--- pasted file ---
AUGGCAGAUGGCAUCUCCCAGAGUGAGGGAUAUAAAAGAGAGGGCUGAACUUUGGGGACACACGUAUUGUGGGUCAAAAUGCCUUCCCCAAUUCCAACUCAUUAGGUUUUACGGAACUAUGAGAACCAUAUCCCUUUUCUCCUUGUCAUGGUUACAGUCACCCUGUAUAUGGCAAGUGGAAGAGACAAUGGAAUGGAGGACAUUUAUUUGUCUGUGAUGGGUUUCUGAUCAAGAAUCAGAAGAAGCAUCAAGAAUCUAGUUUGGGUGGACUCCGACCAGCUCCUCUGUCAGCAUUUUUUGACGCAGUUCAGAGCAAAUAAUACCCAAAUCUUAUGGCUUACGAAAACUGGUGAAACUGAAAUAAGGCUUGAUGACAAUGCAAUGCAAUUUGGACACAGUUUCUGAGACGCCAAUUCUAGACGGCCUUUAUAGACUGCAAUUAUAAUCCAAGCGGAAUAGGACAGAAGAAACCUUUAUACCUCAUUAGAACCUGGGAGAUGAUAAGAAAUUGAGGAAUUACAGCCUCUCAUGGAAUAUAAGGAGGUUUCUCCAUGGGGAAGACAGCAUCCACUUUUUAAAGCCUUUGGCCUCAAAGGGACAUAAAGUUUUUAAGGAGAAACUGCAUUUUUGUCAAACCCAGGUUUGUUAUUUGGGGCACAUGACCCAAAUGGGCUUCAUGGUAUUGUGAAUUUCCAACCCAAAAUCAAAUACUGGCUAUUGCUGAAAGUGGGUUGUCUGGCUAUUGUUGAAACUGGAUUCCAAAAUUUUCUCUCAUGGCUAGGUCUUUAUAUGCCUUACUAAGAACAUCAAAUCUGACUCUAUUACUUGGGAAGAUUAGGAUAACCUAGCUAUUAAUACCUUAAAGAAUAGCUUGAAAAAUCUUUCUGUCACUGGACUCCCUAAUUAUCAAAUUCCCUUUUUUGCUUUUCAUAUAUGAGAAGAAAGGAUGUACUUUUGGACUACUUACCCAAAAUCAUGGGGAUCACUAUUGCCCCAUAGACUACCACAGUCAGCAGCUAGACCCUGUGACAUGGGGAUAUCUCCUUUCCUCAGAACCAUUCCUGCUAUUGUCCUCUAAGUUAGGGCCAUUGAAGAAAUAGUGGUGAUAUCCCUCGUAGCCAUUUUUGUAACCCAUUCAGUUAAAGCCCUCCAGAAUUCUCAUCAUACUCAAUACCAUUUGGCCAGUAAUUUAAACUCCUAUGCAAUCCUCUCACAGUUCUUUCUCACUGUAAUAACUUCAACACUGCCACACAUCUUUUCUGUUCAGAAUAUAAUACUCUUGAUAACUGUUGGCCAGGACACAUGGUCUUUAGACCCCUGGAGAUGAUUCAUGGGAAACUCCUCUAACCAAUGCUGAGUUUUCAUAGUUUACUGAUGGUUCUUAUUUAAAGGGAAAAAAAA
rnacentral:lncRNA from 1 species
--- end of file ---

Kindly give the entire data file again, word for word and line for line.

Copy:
AUGGCAGAUGGCAUCUCCCAGAGUGAGGGAUAUAAAAGAGAGGGCUGAACUUUGGGGACACACGUAUUGUGGGUCAAAAUGCCUUCCCCAAUUCCAACUCAUUAGGUUUUACGGAACUAUGAGAACCAUAUCCCUUUUCUCCUUGUCAUGGUUACAGUCACCCUGUAUAUGGCAAGUGGAAGAGACAAUGGAAUGGAGGACAUUUAUUUGUCUGUGAUGGGUUUCUGAUCAAGAAUCAGAAGAAGCAUCAAGAAUCUAGUUUGGGUGGACUCCGACCAGCUCCUCUGUCAGCAUUUUUUGACGCAGUUCAGAGCAAAUAAUACCCAAAUCUUAUGGCUUACGAAAACUGGUGAAACUGAAAUAAGGCUUGAUGACAAUGCAAUGCAAUUUGGACACAGUUUCUGAGACGCCAAUUCUAGACGGCCUUUAUAGACUGCAAUUAUAAUCCAAGCGGAAUAGGACAGAAGAAACCUUUAUACCUCAUUAGAACCUGGGAGAUGAUAAGAAAUUGAGGAAUUACAGCCUCUCAUGGAAUAUAAGGAGGUUUCUCCAUGGGGAAGACAGCAUCCACUUUUUAAAGCCUUUGGCCUCAAAGGGACAUAAAGUUUUUAAGGAGAAACUGCAUUUUUGUCAAACCCAGGUUUGUUAUUUGGGGCACAUGACCCAAAUGGGCUUCAUGGUAUUGUGAAUUUCCAACCCAAAAUCAAAUACUGGCUAUUGCUGAAAGUGGGUUGUCUGGCUAUUGUUGAAACUGGAUUCCAAAAUUUUCUCUCAUGGCUAGGUCUUUAUAUGCCUUACUAAGAACAUCAAAUCUGACUCUAUUACUUGGGAAGAUUAGGAUAACCUAGCUAUUAAUACCUUAAAGAAUAGCUUGAAAAAUCUUUCUGUCACUGGACUCCCUAAUUAUCAAAUUCCCUUUUUUGCUUUUCAUAUAUGAGAAGAAAGGAUGUACUUUUGGACUACUUACCCAAAAUCAUGGGGAUCACUAUUGCCCCAUAGACUACCACAGUCAGCAGCUAGACCCUGUGACAUGGGGAUAUCUCCUUUCCUCAGAACCAUUCCUGCUAUUGUCCUCUAAGUUAGGGCCAUUGAAGAAAUAGUGGUGAUAUCCCUCGUAGCCAUUUUUGUAACCCAUUCAGUUAAAGCCCUCCAGAAUUCUCAUCAUACUCAAUACCAUUUGGCCAGUAAUUUAAACUCCUAUGCAAUCCUCUCACAGUUCUUUCUCACUGUAAUAACUUCAACACUGCCACACAUCUUUUCUGUUCAGAAUAUAAUACUCUUGAUAACUGUUGGCCAGGACACAUGGUCUUUAGACCCCUGGAGAUGAUUCAUGGGAAACUCCUCUAACCAAUGCUGAGUUUUCAUAGUUUACUGAUGGUUCUUAUUUAAAGGGAAAAAAAA
rnacentral:lncRNA from 1 species